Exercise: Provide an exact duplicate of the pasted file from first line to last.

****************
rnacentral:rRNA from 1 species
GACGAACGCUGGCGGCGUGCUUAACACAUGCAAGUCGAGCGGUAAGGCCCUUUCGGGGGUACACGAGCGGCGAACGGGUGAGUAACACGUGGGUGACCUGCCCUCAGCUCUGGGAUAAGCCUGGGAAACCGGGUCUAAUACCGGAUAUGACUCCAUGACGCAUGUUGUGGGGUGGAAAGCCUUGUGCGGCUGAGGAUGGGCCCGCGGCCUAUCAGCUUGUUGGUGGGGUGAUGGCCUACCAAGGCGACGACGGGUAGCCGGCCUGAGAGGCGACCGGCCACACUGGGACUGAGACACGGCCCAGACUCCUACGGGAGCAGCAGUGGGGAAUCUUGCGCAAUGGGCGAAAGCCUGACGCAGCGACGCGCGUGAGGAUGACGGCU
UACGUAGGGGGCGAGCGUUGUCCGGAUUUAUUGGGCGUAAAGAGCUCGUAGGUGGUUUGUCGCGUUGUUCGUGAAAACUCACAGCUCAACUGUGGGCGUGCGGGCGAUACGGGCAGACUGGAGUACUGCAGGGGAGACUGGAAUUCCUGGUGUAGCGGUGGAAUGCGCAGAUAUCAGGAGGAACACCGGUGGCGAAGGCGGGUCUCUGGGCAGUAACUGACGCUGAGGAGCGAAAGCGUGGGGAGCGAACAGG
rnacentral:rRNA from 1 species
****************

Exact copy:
rnacentral:rRNA from 1 species
GACGAACGCUGGCGGCGUGCUUAACACAUGCAAGUCGAGCGGUAAGGCCCUUUCGGGGGUACACGAGCGGCGAACGGGUGAGUAACACGUGGGUGACCUGCCCUCAGCUCUGGGAUAAGCCUGGGAAACCGGGUCUAAUACCGGAUAUGACUCCAUGACGCAUGUUGUGGGGUGGAAAGCCUUGUGCGGCUGAGGAUGGGCCCGCGGCCUAUCAGCUUGUUGGUGGGGUGAUGGCCUACCAAGGCGACGACGGGUAGCCGGCCUGAGAGGCGACCGGCCACACUGGGACUGAGACACGGCCCAGACUCCUACGGGAGCAGCAGUGGGGAAUCUUGCGCAAUGGGCGAAAGCCUGACGCAGCGACGCGCGUGAGGAUGACGGCU
UACGUAGGGGGCGAGCGUUGUCCGGAUUUAUUGGGCGUAAAGAGCUCGUAGGUGGUUUGUCGCGUUGUUCGUGAAAACUCACAGCUCAACUGUGGGCGUGCGGGCGAUACGGGCAGACUGGAGUACUGCAGGGGAGACUGGAAUUCCUGGUGUAGCGGUGGAAUGCGCAGAUAUCAGGAGGAACACCGGUGGCGAAGGCGGGUCUCUGGGCAGUAACUGACGCUGAGGAGCGAAAGCGUGGGGAGCGAACAGG
rnacentral:rRNA from 1 species